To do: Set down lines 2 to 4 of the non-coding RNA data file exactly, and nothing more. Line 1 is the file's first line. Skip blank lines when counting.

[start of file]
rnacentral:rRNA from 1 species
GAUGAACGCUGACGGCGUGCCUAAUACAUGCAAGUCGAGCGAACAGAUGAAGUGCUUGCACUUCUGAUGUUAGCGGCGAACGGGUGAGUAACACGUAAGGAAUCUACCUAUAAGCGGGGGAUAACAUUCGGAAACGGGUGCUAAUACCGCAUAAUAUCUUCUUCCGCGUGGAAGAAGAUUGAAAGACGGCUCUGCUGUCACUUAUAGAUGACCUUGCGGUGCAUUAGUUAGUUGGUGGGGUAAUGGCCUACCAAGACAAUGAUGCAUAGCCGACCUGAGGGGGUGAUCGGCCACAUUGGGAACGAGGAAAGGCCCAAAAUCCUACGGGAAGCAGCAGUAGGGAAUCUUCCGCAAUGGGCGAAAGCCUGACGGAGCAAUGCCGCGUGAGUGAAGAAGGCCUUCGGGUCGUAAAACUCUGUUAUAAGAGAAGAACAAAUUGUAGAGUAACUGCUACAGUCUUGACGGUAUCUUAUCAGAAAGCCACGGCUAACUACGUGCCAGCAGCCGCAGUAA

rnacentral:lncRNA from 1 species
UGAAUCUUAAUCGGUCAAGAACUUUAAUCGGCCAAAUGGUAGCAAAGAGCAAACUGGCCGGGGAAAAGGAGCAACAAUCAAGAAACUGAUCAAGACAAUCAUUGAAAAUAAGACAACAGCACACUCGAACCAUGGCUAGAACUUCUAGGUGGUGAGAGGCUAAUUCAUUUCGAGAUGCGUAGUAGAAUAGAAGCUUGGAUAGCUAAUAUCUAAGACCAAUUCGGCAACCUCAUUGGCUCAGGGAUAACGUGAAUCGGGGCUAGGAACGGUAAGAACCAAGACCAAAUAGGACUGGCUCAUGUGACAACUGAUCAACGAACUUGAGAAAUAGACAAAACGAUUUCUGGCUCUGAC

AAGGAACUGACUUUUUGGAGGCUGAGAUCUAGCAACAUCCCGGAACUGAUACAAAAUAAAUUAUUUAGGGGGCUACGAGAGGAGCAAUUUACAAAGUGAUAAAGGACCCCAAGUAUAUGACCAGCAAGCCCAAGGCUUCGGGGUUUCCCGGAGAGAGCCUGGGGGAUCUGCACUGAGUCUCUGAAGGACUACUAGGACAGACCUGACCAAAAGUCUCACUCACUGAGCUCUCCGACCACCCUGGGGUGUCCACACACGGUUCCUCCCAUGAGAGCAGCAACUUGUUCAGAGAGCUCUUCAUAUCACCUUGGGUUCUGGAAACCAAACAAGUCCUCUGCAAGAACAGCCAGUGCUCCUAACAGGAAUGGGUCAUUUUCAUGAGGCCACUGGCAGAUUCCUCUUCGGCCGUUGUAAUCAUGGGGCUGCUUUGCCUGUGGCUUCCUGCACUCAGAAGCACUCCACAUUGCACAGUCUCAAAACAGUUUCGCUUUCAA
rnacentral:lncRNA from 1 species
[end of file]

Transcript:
GAUGAACGCUGACGGCGUGCCUAAUACAUGCAAGUCGAGCGAACAGAUGAAGUGCUUGCACUUCUGAUGUUAGCGGCGAACGGGUGAGUAACACGUAAGGAAUCUACCUAUAAGCGGGGGAUAACAUUCGGAAACGGGUGCUAAUACCGCAUAAUAUCUUCUUCCGCGUGGAAGAAGAUUGAAAGACGGCUCUGCUGUCACUUAUAGAUGACCUUGCGGUGCAUUAGUUAGUUGGUGGGGUAAUGGCCUACCAAGACAAUGAUGCAUAGCCGACCUGAGGGGGUGAUCGGCCACAUUGGGAACGAGGAAAGGCCCAAAAUCCUACGGGAAGCAGCAGUAGGGAAUCUUCCGCAAUGGGCGAAAGCCUGACGGAGCAAUGCCGCGUGAGUGAAGAAGGCCUUCGGGUCGUAAAACUCUGUUAUAAGAGAAGAACAAAUUGUAGAGUAACUGCUACAGUCUUGACGGUAUCUUAUCAGAAAGCCACGGCUAACUACGUGCCAGCAGCCGCAGUAA

rnacentral:lncRNA from 1 species
UGAAUCUUAAUCGGUCAAGAACUUUAAUCGGCCAAAUGGUAGCAAAGAGCAAACUGGCCGGGGAAAAGGAGCAACAAUCAAGAAACUGAUCAAGACAAUCAUUGAAAAUAAGACAACAGCACACUCGAACCAUGGCUAGAACUUCUAGGUGGUGAGAGGCUAAUUCAUUUCGAGAUGCGUAGUAGAAUAGAAGCUUGGAUAGCUAAUAUCUAAGACCAAUUCGGCAACCUCAUUGGCUCAGGGAUAACGUGAAUCGGGGCUAGGAACGGUAAGAACCAAGACCAAAUAGGACUGGCUCAUGUGACAACUGAUCAACGAACUUGAGAAAUAGACAAAACGAUUUCUGGCUCUGAC